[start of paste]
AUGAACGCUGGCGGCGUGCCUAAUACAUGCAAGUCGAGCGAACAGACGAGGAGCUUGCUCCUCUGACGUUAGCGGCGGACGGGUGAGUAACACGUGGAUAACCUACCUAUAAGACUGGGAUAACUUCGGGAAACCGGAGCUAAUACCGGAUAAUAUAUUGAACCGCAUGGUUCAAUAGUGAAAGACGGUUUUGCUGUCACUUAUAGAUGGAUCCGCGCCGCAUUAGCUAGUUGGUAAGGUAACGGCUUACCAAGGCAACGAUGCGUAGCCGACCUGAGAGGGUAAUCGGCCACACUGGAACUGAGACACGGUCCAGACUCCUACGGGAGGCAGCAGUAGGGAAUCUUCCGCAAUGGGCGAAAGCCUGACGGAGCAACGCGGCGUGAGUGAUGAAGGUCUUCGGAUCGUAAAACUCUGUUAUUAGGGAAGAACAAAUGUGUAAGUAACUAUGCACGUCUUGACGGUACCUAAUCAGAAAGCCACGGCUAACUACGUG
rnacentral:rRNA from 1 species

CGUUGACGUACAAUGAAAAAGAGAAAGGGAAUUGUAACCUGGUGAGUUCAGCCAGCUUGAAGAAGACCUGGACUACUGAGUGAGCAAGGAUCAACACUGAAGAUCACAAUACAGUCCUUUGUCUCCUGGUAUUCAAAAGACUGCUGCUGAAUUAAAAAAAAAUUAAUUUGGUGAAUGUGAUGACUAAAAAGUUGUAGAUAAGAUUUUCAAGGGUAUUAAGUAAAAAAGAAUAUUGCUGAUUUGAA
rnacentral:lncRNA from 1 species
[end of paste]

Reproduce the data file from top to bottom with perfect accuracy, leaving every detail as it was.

AUGAACGCUGGCGGCGUGCCUAAUACAUGCAAGUCGAGCGAACAGACGAGGAGCUUGCUCCUCUGACGUUAGCGGCGGACGGGUGAGUAACACGUGGAUAACCUACCUAUAAGACUGGGAUAACUUCGGGAAACCGGAGCUAAUACCGGAUAAUAUAUUGAACCGCAUGGUUCAAUAGUGAAAGACGGUUUUGCUGUCACUUAUAGAUGGAUCCGCGCCGCAUUAGCUAGUUGGUAAGGUAACGGCUUACCAAGGCAACGAUGCGUAGCCGACCUGAGAGGGUAAUCGGCCACACUGGAACUGAGACACGGUCCAGACUCCUACGGGAGGCAGCAGUAGGGAAUCUUCCGCAAUGGGCGAAAGCCUGACGGAGCAACGCGGCGUGAGUGAUGAAGGUCUUCGGAUCGUAAAACUCUGUUAUUAGGGAAGAACAAAUGUGUAAGUAACUAUGCACGUCUUGACGGUACCUAAUCAGAAAGCCACGGCUAACUACGUG
rnacentral:rRNA from 1 species

CGUUGACGUACAAUGAAAAAGAGAAAGGGAAUUGUAACCUGGUGAGUUCAGCCAGCUUGAAGAAGACCUGGACUACUGAGUGAGCAAGGAUCAACACUGAAGAUCACAAUACAGUCCUUUGUCUCCUGGUAUUCAAAAGACUGCUGCUGAAUUAAAAAAAAAUUAAUUUGGUGAAUGUGAUGACUAAAAAGUUGUAGAUAAGAUUUUCAAGGGUAUUAAGUAAAAAAGAAUAUUGCUGAUUUGAA
rnacentral:lncRNA from 1 species